Charcoal rot attacks the roots and the base of the stem of the soybean plant. When the bark is peeled from those parts, small black specks (the sclerotia or propagating bodies of the causal fungus) may be seen. The specks frequently are abundant enough to impart a grayish-black color, like charcoal, to the tissues beneath the bark. Occasionally the fungus produces sporebearing structures (pycnidia) on lesions on the soybean stem. The fungus appears to be a rather weak parasite of soybeans and attacks young plants only when their growth is retarded by hot, dry weather, poor soil, or some other unfavorable condition. The fungus is widely distributed in soils in the warmer sections of the United States, and attacks other cultivated plants and weeds, as well as soybeans.
Sclerotial blight, like charcoal rot, is characterized by a rot at the base of the plant stem, but it differs from the latter in that the fungus sclerotia are larger, rounder, and brown instead of black. Further, they are produced on a cottony, mycelial growth on the outside of the stem, rather than under the bark. Attacked plants die prematurely, sometimes before the seed has formed. The disease is found in the sandy soil areas of the South where high summer temperatures occur, and the common name "southern blight" is sometimes applied to this disease. Losses may be as high as 25 to 30 percent of the plants, but it is more common to see small scattered areas of killed plants among the healthy ones. Under favorable conditions, the disease can cause a spotting of the soybean leaves as well as the basal stem rot. The fungus attacks a wide variety of plants, including practically all the summer legumes adapted to the South. Attempts to select soybean plants resistant to sclerotial blight have been made at the Georgia Agricultural Experiment Station without success.
Fusarium blight or wilt occurs on sandy soils in the Southern States but has never caused as extensive losses as have the similar wilts of cotton, cow-pea, and watermelon. Wilting is not a prominent symptom on soybeans. Instead, the leaves of attacked plants yellow and fall off prematurely and the plants then die. When the stem base and taproot of an attacked plant are split longitudinally, a brown or black discoloration of the vascular tissues is evident, as in the case of other diseases of this type caused by species of Fusarium. Work reported from the South Carolina Agricultural Experiment Station in 1950 showed that one or more races of Fusarium oxysporum f. tracheiphilum can cause such symptoms on soybeans. In 1951, the workers in South Carolina reported that the crotalaria wilt fungus, Fusarium udum f. crotalariae, also can infect certain varieties of soybeans and cause wilt. Most varieties of soybeans grown in the South appear to be resistant to fusarium wilt. The disease therefore should not become one of major importance unless newly released varieties prove susceptible or more virulent races of the causal fungus develop. A root rot of soybeans caused by a species of Fusarium has been observed in Illinois and Wisconsin probably not the same species as those reported on soybeans in the South.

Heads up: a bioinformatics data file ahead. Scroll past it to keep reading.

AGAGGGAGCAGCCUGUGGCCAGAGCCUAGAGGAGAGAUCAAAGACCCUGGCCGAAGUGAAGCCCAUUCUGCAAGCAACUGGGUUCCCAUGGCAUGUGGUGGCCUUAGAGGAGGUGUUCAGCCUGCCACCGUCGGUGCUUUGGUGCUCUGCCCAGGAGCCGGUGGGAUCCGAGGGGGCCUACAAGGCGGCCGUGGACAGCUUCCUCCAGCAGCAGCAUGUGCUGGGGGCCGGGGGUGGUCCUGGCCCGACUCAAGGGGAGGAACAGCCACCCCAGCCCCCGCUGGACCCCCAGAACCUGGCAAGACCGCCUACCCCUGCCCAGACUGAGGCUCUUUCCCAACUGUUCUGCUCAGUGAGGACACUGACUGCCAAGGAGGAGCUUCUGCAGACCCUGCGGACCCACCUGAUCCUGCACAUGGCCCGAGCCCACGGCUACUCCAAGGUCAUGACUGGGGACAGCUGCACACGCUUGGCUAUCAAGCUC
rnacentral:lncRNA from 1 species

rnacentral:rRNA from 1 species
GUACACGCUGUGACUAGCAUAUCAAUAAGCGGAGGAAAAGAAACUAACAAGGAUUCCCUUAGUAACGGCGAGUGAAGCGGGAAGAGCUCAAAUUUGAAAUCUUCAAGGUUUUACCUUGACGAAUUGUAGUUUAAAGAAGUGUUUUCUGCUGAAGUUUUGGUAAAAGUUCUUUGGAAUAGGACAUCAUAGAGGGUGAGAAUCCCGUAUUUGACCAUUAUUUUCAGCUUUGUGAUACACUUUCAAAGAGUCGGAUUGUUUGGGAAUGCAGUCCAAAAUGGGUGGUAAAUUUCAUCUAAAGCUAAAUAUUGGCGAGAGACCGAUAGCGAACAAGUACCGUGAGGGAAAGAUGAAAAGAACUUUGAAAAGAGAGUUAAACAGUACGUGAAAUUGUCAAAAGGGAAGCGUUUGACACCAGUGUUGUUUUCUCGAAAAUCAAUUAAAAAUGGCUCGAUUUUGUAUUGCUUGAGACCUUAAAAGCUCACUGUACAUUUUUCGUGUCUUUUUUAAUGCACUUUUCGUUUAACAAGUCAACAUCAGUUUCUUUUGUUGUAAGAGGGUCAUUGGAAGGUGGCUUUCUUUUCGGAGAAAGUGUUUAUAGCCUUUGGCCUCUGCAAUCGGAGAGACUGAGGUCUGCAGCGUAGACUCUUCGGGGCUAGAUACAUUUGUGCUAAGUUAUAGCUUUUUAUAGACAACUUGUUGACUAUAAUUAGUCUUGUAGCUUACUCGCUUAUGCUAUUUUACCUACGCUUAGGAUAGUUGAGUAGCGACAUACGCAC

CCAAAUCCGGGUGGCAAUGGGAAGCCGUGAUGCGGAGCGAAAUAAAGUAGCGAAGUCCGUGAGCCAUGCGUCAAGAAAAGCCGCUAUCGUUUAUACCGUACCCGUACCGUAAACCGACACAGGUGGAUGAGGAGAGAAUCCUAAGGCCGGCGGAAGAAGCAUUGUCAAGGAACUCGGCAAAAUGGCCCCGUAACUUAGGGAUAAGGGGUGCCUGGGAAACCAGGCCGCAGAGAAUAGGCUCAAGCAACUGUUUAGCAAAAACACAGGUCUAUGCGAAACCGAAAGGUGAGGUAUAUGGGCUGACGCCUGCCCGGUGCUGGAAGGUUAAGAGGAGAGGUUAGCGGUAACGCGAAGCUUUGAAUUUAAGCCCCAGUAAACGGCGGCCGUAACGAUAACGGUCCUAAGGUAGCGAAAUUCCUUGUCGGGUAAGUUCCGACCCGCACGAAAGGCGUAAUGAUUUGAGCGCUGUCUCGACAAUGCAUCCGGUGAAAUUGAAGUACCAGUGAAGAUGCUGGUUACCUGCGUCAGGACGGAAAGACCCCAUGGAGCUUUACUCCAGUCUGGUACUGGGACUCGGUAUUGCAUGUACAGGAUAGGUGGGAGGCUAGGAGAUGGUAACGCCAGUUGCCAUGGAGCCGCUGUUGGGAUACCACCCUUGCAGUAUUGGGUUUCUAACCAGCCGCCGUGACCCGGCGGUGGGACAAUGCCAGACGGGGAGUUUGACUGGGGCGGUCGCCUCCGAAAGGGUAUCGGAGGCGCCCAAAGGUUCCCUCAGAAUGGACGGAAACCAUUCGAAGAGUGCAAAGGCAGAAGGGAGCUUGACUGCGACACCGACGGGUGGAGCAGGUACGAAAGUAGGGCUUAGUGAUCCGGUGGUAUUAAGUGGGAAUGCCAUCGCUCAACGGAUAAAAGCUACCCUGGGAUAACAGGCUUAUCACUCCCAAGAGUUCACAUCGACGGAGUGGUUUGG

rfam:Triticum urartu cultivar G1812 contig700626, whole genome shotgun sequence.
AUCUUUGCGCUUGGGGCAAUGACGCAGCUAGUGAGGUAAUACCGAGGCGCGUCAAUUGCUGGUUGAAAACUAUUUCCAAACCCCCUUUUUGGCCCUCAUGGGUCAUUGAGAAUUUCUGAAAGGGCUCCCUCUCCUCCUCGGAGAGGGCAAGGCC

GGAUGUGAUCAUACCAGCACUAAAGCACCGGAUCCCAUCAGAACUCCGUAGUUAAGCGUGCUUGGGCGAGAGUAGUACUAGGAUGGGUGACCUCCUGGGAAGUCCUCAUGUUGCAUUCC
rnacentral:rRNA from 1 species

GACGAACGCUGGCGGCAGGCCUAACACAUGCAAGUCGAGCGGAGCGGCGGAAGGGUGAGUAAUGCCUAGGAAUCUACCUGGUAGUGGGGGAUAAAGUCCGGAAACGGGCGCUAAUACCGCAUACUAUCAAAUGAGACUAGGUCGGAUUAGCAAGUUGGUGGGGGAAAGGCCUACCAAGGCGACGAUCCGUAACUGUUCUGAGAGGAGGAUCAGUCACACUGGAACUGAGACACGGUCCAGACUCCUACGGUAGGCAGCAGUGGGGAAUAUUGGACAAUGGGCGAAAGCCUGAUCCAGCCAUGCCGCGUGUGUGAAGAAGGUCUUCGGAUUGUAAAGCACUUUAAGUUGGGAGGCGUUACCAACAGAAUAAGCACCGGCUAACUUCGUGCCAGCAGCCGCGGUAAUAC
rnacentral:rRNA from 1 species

Rhizoctonia root rot of soybeans occurs in the Midwest as an early-season disease. It attacks young plants where the soil is unusually wet. The fungus causes a reddish-brown decay of the cortical or outer layer of the main root and basal stem. It destroys much of the secondary root system. The plants wilt and die. Dead plants typically appear in areas 4 to 10 feet in diameter, usually distributed at irregular intervals over the field. The disease is of importance only in wet seasons. In 1950 and 1951, for example, when unusually frequent rains fell through July, rhizoctonia root and basal stem rot was found up to mid-August through the Midwest. As the soil dried out, such plants died or showed wilting at midday. When pulled and examined, the basal portion of the taproot, with its secondary roots, was found to be completely destroyed. Such plants frequently had developed new roots just below the soil line and partially recovered from the injury. As the upper layer of soil dried out, the plants could no longer obtain sufficient water. Twelve soy-bean strains with a high degree of resistance to rhizoctonia root rot have been selected at the Minnesota Agricultural Experiment Station. The development of varieties resistant to this disease appears possible. Seed treatment in Minnesota has given some promise of controlling damping-off and root rot due to Rhizodonia, especially when the fungicide is pelleted on the seed. The fungus sometimes attacks the aerial portions of the soybean plants in the South and causes a spotting or blighting of the leaf blades. The blighted areas are irregular in shape and light buff to almost white in color. This phase of the disease has been observed in soybean fields in the eastern part of North Carolina and in Louisiana.
THE THREE VIRUS DISEASES are mosiac, yellow mosaic, and bud blight.